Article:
Every artist is familiar with ugliness. Everyone commits to that one brush stroke, that one carve into linoleum, or that specific chord on the guitar. What results can be horrific. Our stomach tenses, a sudden pressure in the skull, and definitely a fully activated gag reflex. Art making is full of undesired effects. The best way to cope is to laugh about it! I want to share and laugh with you about some of my recent experiences with Ugly Color resulting in Ugly Painting.
This past week at Thursday Night Figure Drawing, held at the Art Alliance of Central Pennsylvania, I arrived ready with a plan. I was going to doing black and white figure studies that would later be used for extensive glazing techniques which use a series of primary color glaz–
Where are my paints?
I searched through my bag several times as the model was getting situated. Alas I had forgotten them, but someone had left a large tube of paint near the door with a sign that said “Olde Paint, feel free to take” Inside that huge tube crusted with nasty dry oil was one of the ugliest colors on the market: Winton Newton’s Viridian (Hue). What made this color remarkably ugly was that two of my prepared panels had a warm brown/grey ground. The combination of brown grey and electric pthalo green was stunningly ugly. I should also mention these panels I made by hand and two of them were improperly pressed. The result was a surface of muddy bumps.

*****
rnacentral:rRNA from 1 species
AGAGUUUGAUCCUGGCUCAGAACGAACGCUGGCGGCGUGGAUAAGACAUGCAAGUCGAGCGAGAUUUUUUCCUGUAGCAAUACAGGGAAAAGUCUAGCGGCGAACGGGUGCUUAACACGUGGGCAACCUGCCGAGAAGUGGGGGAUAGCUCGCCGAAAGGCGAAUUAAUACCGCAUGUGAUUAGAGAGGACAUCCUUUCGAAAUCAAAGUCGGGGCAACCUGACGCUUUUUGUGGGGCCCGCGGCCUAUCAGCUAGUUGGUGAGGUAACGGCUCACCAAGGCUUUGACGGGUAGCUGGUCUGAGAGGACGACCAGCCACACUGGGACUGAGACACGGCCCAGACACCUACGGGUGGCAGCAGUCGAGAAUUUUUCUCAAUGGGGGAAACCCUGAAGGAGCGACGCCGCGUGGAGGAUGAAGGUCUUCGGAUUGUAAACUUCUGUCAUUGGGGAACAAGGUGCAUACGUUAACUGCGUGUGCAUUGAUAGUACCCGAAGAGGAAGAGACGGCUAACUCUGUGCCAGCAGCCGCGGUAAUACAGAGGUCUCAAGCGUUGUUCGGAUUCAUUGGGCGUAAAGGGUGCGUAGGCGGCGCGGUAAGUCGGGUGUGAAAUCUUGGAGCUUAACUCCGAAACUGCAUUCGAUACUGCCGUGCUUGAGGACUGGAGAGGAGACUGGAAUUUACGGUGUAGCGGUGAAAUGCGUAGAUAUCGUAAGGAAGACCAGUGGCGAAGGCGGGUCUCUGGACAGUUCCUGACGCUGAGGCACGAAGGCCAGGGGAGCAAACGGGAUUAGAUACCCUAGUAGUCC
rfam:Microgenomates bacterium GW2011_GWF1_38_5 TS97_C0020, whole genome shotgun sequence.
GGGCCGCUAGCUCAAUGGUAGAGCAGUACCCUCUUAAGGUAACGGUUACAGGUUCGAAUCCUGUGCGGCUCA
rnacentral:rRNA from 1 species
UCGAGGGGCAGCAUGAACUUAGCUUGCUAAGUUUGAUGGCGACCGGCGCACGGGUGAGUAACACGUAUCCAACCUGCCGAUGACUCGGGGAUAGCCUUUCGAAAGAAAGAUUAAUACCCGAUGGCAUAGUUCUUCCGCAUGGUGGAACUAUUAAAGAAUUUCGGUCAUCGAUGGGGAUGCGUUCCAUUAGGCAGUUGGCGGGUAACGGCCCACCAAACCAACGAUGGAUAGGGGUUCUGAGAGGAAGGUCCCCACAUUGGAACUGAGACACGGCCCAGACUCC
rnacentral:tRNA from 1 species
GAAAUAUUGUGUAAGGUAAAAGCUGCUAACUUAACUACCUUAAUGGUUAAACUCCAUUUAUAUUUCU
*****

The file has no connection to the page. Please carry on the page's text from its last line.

The next two weren’t so bad having a white ground:
Some weeks later during a drawing frenzy I created what I thought was a pretty cool drawing. A massive metropolis filled with life. Excited to enhance the drawing with a sense of light and color I dove at it thinking that perhaps if I used some of the worst colors of the 80s I could achieve a profound effect. Halfway into it I had to stop and write this post on Ugly Color:
It is possible to overwork a piece, however I don’t think overworked pieces are dead, there is always a way to resurrect it. What these pieces need is to be sat down with, chuckled at, and thoughtfully re-approached. Then with luck and patience their nastiness will transform into a beautiful butterfly of art.